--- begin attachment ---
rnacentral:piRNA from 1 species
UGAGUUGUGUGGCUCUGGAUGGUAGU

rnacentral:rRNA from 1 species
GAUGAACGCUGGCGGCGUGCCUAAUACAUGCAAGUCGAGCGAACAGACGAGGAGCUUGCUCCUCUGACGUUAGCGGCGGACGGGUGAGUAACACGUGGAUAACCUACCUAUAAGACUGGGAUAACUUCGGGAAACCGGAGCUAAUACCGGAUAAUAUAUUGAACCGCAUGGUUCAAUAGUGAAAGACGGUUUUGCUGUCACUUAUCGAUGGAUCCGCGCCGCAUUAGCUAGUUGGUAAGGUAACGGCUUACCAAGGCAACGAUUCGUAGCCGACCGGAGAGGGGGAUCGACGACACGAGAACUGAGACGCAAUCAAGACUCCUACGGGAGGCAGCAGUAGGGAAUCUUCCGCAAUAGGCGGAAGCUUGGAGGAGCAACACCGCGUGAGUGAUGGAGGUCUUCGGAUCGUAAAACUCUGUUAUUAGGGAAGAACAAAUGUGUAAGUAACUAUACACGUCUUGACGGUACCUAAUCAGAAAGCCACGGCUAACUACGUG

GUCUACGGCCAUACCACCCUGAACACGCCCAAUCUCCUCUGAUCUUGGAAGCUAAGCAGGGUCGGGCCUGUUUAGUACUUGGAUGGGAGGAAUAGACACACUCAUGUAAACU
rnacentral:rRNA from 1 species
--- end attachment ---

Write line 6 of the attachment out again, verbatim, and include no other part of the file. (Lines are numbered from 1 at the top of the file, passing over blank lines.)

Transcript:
rnacentral:rRNA from 1 species